KSAL Staff - April 24, 2017 8:00 am
MAC STEVENSON LIVES IN SALINA, AND WRITES A WEEKLY COLUMN FOR OVER TEN NEWSPAPERS IN KANSAS
At every major university sports program, the most underrated position of importance is that of Athletics Director. Kansas State has hired Gene Taylor to replace John Currie, who took the AD position at Tennessee.
Taylor was AD at North Dakota State for 13 years and built a strong reputation as the administrator of a nationally recognized football program at a small school. Taylor’s handling of the finances was also a remarkable success.
Taylor has two important issues facing him as he begins his tenure as K-State’s AD: he has to decide whether or not to give basketball coach Bruce Weber an extension on his contract and start considering how to handle the coming retirement of Bill Snyder as head football coach.
The issue of Weber’s contract is perplexing. One factor that should make this a non-problem is that Weber has two years remaining on his present contract; the argument that he needs an extension to help recruiting is invalid.
What makes Taylor’s position uncomfortable is that the decision to bring Weber back for another season had been made by President Richard Myers before Taylor was hired.
Myers recently said, “John Currie and I started having conversations in the season. And then Laird [Veatch] and I after the last game, we got together one more time and said, ‘What do we think?’ We were both of like minds. We’re happy that Bruce is back. We’ll see, but we’re confident.”
Concerning the contract extension, Myers said, “I think that’s in the works . . . that’ll land on Gene’s desk pretty darn quick.”
Myers should have waited until Taylor was hired to make a decision on Weber’s future at Kansas State. During Weber’s tenure, the Wildcats haven’t been terrible, but they haven’t reached the upper echelon of the Big 12 either. Maybe that will happen next season, but it doesn’t appear likely.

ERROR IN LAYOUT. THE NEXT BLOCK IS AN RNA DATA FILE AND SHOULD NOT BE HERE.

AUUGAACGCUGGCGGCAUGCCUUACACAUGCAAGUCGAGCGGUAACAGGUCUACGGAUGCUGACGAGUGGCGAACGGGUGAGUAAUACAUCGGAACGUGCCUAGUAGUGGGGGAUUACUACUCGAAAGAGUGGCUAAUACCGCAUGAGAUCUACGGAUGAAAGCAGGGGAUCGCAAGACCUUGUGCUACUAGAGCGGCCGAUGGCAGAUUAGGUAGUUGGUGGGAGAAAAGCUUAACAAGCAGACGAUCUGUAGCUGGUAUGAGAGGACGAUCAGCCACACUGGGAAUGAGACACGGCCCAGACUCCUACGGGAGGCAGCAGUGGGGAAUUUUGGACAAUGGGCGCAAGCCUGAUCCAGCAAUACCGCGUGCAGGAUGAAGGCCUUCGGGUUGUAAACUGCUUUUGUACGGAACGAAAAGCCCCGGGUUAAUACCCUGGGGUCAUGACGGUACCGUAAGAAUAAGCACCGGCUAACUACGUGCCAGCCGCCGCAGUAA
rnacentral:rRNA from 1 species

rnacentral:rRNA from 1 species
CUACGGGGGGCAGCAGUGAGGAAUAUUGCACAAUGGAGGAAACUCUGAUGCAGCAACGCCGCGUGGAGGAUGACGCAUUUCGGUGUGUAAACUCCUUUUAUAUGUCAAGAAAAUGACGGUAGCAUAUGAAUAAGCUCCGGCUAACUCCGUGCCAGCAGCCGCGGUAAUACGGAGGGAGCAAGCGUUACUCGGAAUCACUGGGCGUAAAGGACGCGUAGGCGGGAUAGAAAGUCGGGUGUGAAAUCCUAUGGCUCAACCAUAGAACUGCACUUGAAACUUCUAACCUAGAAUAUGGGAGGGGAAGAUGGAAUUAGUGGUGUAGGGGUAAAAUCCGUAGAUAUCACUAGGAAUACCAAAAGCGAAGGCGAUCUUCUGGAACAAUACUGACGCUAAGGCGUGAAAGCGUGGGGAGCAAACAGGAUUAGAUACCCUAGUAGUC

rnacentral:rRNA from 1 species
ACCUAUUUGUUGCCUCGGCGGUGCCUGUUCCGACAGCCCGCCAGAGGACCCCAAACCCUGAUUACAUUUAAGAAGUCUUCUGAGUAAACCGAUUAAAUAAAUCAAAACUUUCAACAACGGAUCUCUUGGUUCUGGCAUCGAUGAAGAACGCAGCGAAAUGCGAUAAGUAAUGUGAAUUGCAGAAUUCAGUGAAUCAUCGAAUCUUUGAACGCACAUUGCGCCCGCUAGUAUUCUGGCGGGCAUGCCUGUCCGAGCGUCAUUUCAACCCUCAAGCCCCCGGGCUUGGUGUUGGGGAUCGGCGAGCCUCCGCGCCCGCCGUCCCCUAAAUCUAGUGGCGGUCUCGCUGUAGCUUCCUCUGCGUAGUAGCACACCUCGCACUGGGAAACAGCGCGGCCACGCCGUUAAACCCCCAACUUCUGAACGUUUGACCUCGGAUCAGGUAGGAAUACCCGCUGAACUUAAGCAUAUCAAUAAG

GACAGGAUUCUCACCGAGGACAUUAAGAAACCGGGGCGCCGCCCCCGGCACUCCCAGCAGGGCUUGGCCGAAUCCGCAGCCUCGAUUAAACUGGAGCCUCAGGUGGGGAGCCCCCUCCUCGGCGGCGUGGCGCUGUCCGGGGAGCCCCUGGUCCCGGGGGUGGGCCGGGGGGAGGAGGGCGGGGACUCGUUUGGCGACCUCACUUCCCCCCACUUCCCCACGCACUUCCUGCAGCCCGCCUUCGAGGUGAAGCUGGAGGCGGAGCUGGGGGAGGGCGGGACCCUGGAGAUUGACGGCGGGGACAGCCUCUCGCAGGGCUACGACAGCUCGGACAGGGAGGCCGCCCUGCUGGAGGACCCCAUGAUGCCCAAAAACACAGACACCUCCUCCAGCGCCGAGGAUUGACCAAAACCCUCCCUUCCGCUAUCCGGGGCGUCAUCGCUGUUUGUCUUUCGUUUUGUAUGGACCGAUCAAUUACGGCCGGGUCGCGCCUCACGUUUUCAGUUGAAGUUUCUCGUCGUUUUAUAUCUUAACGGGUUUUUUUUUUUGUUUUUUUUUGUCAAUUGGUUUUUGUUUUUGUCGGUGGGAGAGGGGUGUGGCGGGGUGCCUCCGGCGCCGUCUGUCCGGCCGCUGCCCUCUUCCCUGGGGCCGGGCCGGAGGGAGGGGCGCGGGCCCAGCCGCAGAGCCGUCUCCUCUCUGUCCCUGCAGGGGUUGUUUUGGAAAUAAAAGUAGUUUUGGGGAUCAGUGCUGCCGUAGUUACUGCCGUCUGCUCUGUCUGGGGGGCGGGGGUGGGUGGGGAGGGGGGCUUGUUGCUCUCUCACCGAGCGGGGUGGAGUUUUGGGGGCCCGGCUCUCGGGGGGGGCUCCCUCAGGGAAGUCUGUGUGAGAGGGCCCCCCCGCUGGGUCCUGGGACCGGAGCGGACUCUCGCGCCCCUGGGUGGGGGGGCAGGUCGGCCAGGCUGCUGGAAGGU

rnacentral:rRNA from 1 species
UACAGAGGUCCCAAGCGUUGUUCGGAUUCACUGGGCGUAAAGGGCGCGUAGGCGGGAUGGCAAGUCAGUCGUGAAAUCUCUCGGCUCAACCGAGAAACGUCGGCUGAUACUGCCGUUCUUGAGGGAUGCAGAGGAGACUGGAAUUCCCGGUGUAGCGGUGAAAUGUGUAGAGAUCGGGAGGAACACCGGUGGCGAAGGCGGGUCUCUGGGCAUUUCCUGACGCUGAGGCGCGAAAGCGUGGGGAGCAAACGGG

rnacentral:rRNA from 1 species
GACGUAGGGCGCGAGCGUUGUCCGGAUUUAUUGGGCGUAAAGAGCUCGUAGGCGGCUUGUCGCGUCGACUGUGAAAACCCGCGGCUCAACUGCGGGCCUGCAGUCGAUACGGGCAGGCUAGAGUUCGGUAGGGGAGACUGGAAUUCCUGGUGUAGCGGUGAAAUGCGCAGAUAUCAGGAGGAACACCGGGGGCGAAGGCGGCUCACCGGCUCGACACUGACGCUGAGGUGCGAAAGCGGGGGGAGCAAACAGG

Coach Snyder’s situation compounds Taylor’s decision-making issues in his early stages as K-State’s AD. Snyder is recovering from a bout with throat cancer; from all reports, he’s doing very well. If Coach Snyder is able to take his normal place on the sideline for K-State’s spring game, that will bode well for the 2017 season.
When Snyder does retire, AD Taylor will have to hire a new coach. It’s no secret that Snyder is backing his son, Sean, to be K-State’s next head coach. With everything that Bill Snyder has done for Kansas State University, it should be a given that his choice for his successor be given every consideration. It’s not a calm circumstance for a new AD.
Drastic times require drastic measures. It’s no secret that the Kansas City Royals’ hitters swing at way too many bad pitches; that’s been a constant since Ned Yost became manager.
In last Thursday’s 1-0 loss to Texas in 13 innings, KC’s batters struck out 14 times and had three singles and one double. Pathetic. Here’s a perfect example: In the top of the 12th, Hosmer walked on four pitches to open the inning; Salvy Perez bats next and takes ball one (fifth straight ball by the Texas reliever) and then swings at a pitch low and well outside—bailing out the Texas pitcher—and grounds out to the shortstop. That’s typical KC baseball.
Manager Yost has to call a team meeting immediately and he should say something like this: “Okay men, listen up. We all know we’ve been swinging at bad pitches . . . that has to stop. See this! (Ned holds up a wooden paddle) This isn’t gonna be used for punishment, it’s gonna be used to help us, all of us, focus on our hitting. Men, from now on, when anyone swings at a bad pitch he takes one swat with this paddle from Salvy Perez.”
At this point, Salvy displays his wide grin and rubs his hands together in anticipation. Yost continues, “Salvy swings at a bad pitch on almost every at bat and he’s gonna have to grab his knees too—Mr. Hosmer will swing the paddle for Perez.” Salvy’s grin disappears.
“I’m not makin’ this rule . . . you have to vote on it. It’s for the good of the team men. All in favor, raise your right hand.” Yost’s motion carries after the players look around at each other. No one votes against the new rule.
“Okay men, we’re on our way now. Salvy and Hos will dish out the necessary swats here in the clubhouse right after every game. And what happens in this clubhouse stays in this clubhouse.” The players look at the paddle apprehensively as they leave for batting practice.
We all know, of course, that this won’t work: the players will make a 180-degree turn and start striking out by taking pitches right down the middle.